“Spatchcock” is a fun word, isn’t it? It sounds a bit pretentious, a bit risqué, and a bit elusive all at the same time. Plus, it’s full of hard consonants which just makes it enjoyable to pronounce. It usually refers to a preparation of chicken where you remove the backbone and open the chicken so that it can lie flat. This makes it much easier to cook and allows it to cook faster. You could also say “butterfly” the chicken instead of “spatchcock”, but “spatchcock” really is much more fun, no? You could ask your butcher to spatchcock your chicken for you, but why bother when you could do it yourself with a handy pair of shears. If you’re interested in learning how to spatchcock a chicken, click here for photos and a good explanation in the cooking school.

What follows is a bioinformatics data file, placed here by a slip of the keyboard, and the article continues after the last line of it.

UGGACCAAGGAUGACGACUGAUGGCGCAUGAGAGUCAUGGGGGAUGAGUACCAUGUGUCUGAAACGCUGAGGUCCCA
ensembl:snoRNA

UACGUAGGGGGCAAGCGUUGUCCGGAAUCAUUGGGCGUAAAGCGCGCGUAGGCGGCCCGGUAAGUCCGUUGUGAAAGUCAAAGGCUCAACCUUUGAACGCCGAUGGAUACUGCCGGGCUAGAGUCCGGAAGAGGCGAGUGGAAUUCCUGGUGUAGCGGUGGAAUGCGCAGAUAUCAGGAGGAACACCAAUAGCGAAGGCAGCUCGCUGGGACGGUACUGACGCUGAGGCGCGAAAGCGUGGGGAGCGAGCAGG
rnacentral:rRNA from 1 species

The reason a spatchcocked chicken cooks faster than a whole chicken is because the breasts and legs get direct contact from the heat source when the chicken is skin-side down AND when the chicken is skin-side up. It’s easier to cook than a whole chicken (especially on the grill) because you’ve turned it into a flat piece of meat with two sides, rather than a circle with four sides. You simply flip the chicken over a couple of times on the grill, rather than rotating it around to ensure all sides get cooked evenly.